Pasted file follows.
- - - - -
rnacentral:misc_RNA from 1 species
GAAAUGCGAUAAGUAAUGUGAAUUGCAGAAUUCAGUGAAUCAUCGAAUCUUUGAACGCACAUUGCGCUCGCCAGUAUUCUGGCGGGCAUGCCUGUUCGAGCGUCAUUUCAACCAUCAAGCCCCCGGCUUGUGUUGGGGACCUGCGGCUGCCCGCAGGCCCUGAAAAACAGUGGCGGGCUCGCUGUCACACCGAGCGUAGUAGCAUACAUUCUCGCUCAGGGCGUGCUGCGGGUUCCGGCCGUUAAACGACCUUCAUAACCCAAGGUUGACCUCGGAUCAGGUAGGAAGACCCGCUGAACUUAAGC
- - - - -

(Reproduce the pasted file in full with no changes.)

rnacentral:misc_RNA from 1 species
GAAAUGCGAUAAGUAAUGUGAAUUGCAGAAUUCAGUGAAUCAUCGAAUCUUUGAACGCACAUUGCGCUCGCCAGUAUUCUGGCGGGCAUGCCUGUUCGAGCGUCAUUUCAACCAUCAAGCCCCCGGCUUGUGUUGGGGACCUGCGGCUGCCCGCAGGCCCUGAAAAACAGUGGCGGGCUCGCUGUCACACCGAGCGUAGUAGCAUACAUUCUCGCUCAGGGCGUGCUGCGGGUUCCGGCCGUUAAACGACCUUCAUAACCCAAGGUUGACCUCGGAUCAGGUAGGAAGACCCGCUGAACUUAAGC